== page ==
Dr Chari on the Bridging the Gaps in Hematologic Malignancies Meeting

Commentary
Video

Ajai Chari, MD, discusses the 2024 OncLive® Bridging the Gaps in Hematologic Malignancies meeting, highlighting the treatment of multiple myeloma.

Ajai Chari, MD, director, Multiple Myeloma Program, professor of clinical medicine, University of California, San Francisco (UCSF), UCSF Helen Diller Family Comprehensive Cancer Center, discusses the 2024 OncLive® Bridging the Gaps in Hematologic Malignancies meeting, highlighting the topics that were covered at the meeting regarding the treatment of patients with multiple myeloma.

Chari quips that doctors who treat multiple myeloma often have differing views on how to approach various treatments across different settings. Thus, attending the meeting, he shares that he anticipated a lack of consensus on various topics. Although there were indeed areas where consensus was lacking, it was pleasantly surprising to find some unexpected points of agreement among the key opinion leaders present, Chari explains.

Beginning with discussions on newly diagnosed multiple myeloma, it was generally agreed that anti-CD38–based quadruplets are commonly utilized for induction therapy, with most clinicians favoring stem cell collection, he expands. The consensus also leaned toward recommending transplant, especially for patients deemed to have high-risk disease, with near unanimous agreement among attendees on this point, Chari states. For patients who are transplant-ineligible, there appeared to be clear consensus on the use of daratumumab (Darzalex), lenalidomide (Revlimid), and dexamethasone, possibly incorporating a proteasome inhibitor (PI) for select high-risk subgroups, he elucidates. 

However, significant controversy arose regarding post-transplant maintenance therapy, with lenalidomide being the most utilized agent, he continues. Disagreement centered on whether to incorporate daratumumab or a PI for high-risk patients and the optimal duration of daratumumab therapy, Chari reports. Additionally, in early relapse cases, there was a preference for anti-CD38 monoclonal antibodies based on data from the phase 3 IKEMA study (NCT03275285), he says. Furthermore, while most practitioners preferred switching treatment classes, concerns were raised about the suitability of carfilzomib (Kyprolis), particularly for elderly patients with cardiac comorbidities, Chari states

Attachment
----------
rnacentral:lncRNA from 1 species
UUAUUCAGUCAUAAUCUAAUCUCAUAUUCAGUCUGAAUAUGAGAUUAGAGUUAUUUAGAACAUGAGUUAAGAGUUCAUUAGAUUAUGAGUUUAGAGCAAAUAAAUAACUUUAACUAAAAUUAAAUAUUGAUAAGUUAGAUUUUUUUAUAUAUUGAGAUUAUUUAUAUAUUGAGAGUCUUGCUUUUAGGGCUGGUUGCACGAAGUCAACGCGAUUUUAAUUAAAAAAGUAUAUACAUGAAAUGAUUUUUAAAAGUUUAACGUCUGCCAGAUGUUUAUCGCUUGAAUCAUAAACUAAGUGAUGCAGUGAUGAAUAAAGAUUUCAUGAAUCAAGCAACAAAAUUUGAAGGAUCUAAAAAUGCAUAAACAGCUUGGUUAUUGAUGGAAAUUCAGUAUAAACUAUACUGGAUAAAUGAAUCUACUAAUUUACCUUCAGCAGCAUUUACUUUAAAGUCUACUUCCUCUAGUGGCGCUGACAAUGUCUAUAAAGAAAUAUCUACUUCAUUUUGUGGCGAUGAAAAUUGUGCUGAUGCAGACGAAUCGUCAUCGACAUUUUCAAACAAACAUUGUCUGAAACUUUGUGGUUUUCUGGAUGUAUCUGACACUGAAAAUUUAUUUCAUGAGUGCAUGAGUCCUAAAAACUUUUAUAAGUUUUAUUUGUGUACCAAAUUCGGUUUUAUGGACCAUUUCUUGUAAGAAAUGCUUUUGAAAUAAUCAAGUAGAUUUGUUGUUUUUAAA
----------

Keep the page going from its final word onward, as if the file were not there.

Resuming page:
The meeting also highlighted considerable interest in early T-cell redirection with CAR T-cell therapies, along with ongoing discussions about effective sequencing strategies for bispecifics and CAR Ts, he explains. Moreover, there was apprehension regarding newer toxicities associated with some of these agents, such as motor dysfunction and cranial neuropathies, for which clinical experience remains limited, Chari concludes.

Related Videos
Catherine C. Coombs, MD, associate clinical professor, medicine, University of California, Irvine School of Medicine
Naomi Adjei, MD, MPH, MSEd, gynecologic oncology fellow, The University of Texas MD Anderson Cancer Center
John M. Kirkwood, MD, Distinguished Service Professor of Medicine, Sandra and Thomas Usher Professor of Medicine, Dermatology & Translational Science, coleader, Melanoma and Skin Cancer Program, Division of Hematology/Oncology, the University of Pittsburgh
Nizar M. Tannir, MD, FACP, professor; Ransom Horne, Jr. Professor for Cancer Research, Department of Genitourinary Medical Oncology, Division of Cancer Medicine, The University of Texas MD Anderson Cancer Center
William B. Pearse, MD
Daniel Olson, MD
Nan Chen, MD
Robert Dreicer, MD, director, Solid Tumor Oncology, Division of Hematology/Oncology, professor of Medicine and Urology, deputy director, University of Virginia Cancer Center
Akriti Jain, MD
Samer A. Srour, MB ChB, MS